This article was updated by TechSoup Web Content Developer Carlos Bergfeld in August 2011.
Face it, your inbox is infested with spam. Worldwide, 77.8 percent of emails received in July 2011 were spam, according to the Symantec Intelligence Report. That means nearly 8 out of every 10 emails, on average, are junk. And it's not like you asked for all of these messages. Or did you? Whether you realize it or not, your behavior online plays a big role in who has access to your email address — and that includes spammers.
Even more important, spam emails are a major vector for malware and phishing. One in 281 emails contain malware and one in 319 emails were phishing, according to Symantec in its most recent report. That means opening spam can infect your organization's systems with viruses or send out your organization's sensitive information to malicious parties. Either of those scenarios can cause a lot more pain and suffering than an inbox full of junk mail.
Regardless, you're probably frustrated by unwanted mail and want to do something about it. Rest assured that there are steps you can take to reduce the amount of junk flooding your inbox and prevent malicious intrusions on your computers and data.
We asked TechSoup Community members for their expert advice on ways to drastically reduce the amount of spam ambushing your inbox. Here's what they suggested.
- Use a complicated email username. Spammers' software will look for the easy and obvious addresses first, such as those with identifiable names like "firstname.lastname@example.org," as opposed to "email@example.com."
- Preview your messages before you open them. Outlook (and many other email clients) let you use a preview mode to peek at the contents of a message before you actually open it. To do this in Outlook, go to the View menu and select Reading Pane. Instead of double clicking a message, click it once to select it and you'll see the message displayed in the Reading Pane.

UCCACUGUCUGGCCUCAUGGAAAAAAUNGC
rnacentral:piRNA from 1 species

Think Before You Click (or Reply, or Forward)
- Never, ever reply to a spam message. This includes buying a product that is for sale or clicking the often-misunderstood "unsubscribe" link, which actually informs your spammer that you exist. If you can tell from the subject line that a message is spam, don't open it — delete it. Spam subject lines typically promise you a better sex life, a more youthful appearance, prescription drugs without a doctor's approval, love, thicker hair, or a better mortgage rate. They also use attention-demanding punctuation, such as exclamation marks or all caps.
- Don't click any links in a spam email. Spammers often have multiple, unique pages on their sites. Often, when you click a URL in a spam message, this tells the spammer that you — and only you — received the message he or she sent. It's another way for the spammer to figure out you actually exist.
- Don't forward an email from someone you don't know to a list of people. You remember those "forward this email to 20 of your friends" messages? They are perfect for spammers to harvest email addresses, even if the sender of the original email did not have this intent. These types of sign-and-forward emails often appear in the form of a petition — and they don't work.